WGU Nevada partners with analytics firm on AI program to grow workforce skills
RENO, Nev. — Western Governors University on Jan. 8 announced the university will partner with Emsi, a leading labor market analytics firm, to support “a groundbreaking new initiative that will map the skills and competencies WGU students acquire to real-world jobs.”
A leader in preparing students for career success, WGU is building on its legacy of student-focused innovation to further align its workforce-relevant curriculum to the most current and pressing employer needs by surfacing value and real-time career insights to students as they work their way to degree.
“Job seekers want to know what skills to learn that will translate into a successful career or promotion, so the creation of a personalized learning pathway that incorporates those skills and competencies will help students match their credentials with what employers want,” said Dr. Marni Baker Stein, WGU Provost and Chief Academic Officer. “WGU is building a comprehensive skills map across industries to serve as the ‘operating system’ that will maximize value to students by providing career-relevant programs, a clear way to communicate value to employers, and data-driven career assistance.”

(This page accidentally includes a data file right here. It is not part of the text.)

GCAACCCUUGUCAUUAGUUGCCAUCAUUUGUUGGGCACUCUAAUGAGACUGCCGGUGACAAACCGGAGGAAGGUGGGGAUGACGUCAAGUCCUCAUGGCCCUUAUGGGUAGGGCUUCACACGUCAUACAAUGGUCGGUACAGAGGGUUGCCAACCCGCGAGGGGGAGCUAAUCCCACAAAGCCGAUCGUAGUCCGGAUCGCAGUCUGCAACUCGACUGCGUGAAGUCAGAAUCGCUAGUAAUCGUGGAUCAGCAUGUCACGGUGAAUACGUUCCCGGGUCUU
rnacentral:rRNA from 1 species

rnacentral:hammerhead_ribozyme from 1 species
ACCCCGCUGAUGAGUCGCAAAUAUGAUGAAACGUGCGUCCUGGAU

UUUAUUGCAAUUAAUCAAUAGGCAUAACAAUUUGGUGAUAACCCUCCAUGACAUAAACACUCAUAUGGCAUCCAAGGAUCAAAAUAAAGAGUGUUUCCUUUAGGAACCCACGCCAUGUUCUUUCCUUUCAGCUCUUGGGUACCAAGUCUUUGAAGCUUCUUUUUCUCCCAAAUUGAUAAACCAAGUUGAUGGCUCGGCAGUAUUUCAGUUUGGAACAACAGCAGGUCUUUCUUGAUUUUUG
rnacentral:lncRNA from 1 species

Emsi’s Open Skills Library identifies nearly 30,000 skills from hundreds of millions of job postings, résumés and professional profiles and is updated every two weeks.
Using artificial intelligence, the Open Skills Library will be used to match WGU’s competency-based curriculum with a list of workforce-relevant skills, allowing WGU to tailor the student learning journey even further by focusing on specific skills and competencies that match a learner’s goals.
WGU is already teaching and assessing the marketable skills industry values. This new partnership will highlight the workforce relevance of a WGU degree by translating credentials and experience into the high-demand skills they represent.
“There is a lot of inefficiency in the labor market because three critical sectors — people, businesses and higher ed — have struggled to understand each other,” said Emsi’s Executive Vice President of Higher Education, Luke Jankovic. “Essentially, they need to speak the same language and we believe skills is that language. WGU is a real trailblazer in this work and their model is one of the truly innovative practices in higher ed today. We are eager to support this work so that more people can be connected to good work and so more good work can find the talent it needs to succeed.”
This article was provided to the NNBV by WGU Nevada, an online, nonprofit college established to expand Nevadans’ access to higher education throughout the state.
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